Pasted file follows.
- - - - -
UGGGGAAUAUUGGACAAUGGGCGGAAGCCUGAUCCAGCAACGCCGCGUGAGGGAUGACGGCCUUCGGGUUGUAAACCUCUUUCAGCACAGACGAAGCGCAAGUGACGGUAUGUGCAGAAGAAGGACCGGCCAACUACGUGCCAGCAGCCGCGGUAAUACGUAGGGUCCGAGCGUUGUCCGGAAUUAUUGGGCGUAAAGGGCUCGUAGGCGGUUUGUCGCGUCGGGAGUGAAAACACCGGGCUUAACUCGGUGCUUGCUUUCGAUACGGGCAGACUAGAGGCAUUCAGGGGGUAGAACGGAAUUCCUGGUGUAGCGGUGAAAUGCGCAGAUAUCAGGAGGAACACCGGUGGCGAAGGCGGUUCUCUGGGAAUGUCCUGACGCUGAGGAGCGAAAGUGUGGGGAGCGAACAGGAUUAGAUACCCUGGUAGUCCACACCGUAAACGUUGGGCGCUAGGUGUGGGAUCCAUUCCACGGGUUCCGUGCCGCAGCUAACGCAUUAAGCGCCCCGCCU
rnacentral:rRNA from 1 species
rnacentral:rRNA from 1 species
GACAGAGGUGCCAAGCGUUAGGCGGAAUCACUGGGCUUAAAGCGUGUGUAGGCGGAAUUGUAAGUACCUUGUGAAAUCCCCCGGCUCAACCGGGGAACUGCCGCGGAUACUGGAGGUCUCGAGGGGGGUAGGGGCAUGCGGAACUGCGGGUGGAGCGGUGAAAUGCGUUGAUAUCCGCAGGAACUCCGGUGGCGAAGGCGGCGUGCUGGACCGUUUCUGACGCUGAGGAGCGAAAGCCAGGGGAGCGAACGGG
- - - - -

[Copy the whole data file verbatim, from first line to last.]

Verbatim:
UGGGGAAUAUUGGACAAUGGGCGGAAGCCUGAUCCAGCAACGCCGCGUGAGGGAUGACGGCCUUCGGGUUGUAAACCUCUUUCAGCACAGACGAAGCGCAAGUGACGGUAUGUGCAGAAGAAGGACCGGCCAACUACGUGCCAGCAGCCGCGGUAAUACGUAGGGUCCGAGCGUUGUCCGGAAUUAUUGGGCGUAAAGGGCUCGUAGGCGGUUUGUCGCGUCGGGAGUGAAAACACCGGGCUUAACUCGGUGCUUGCUUUCGAUACGGGCAGACUAGAGGCAUUCAGGGGGUAGAACGGAAUUCCUGGUGUAGCGGUGAAAUGCGCAGAUAUCAGGAGGAACACCGGUGGCGAAGGCGGUUCUCUGGGAAUGUCCUGACGCUGAGGAGCGAAAGUGUGGGGAGCGAACAGGAUUAGAUACCCUGGUAGUCCACACCGUAAACGUUGGGCGCUAGGUGUGGGAUCCAUUCCACGGGUUCCGUGCCGCAGCUAACGCAUUAAGCGCCCCGCCU
rnacentral:rRNA from 1 species
rnacentral:rRNA from 1 species
GACAGAGGUGCCAAGCGUUAGGCGGAAUCACUGGGCUUAAAGCGUGUGUAGGCGGAAUUGUAAGUACCUUGUGAAAUCCCCCGGCUCAACCGGGGAACUGCCGCGGAUACUGGAGGUCUCGAGGGGGGUAGGGGCAUGCGGAACUGCGGGUGGAGCGGUGAAAUGCGUUGAUAUCCGCAGGAACUCCGGUGGCGAAGGCGGCGUGCUGGACCGUUUCUGACGCUGAGGAGCGAAAGCCAGGGGAGCGAACGGG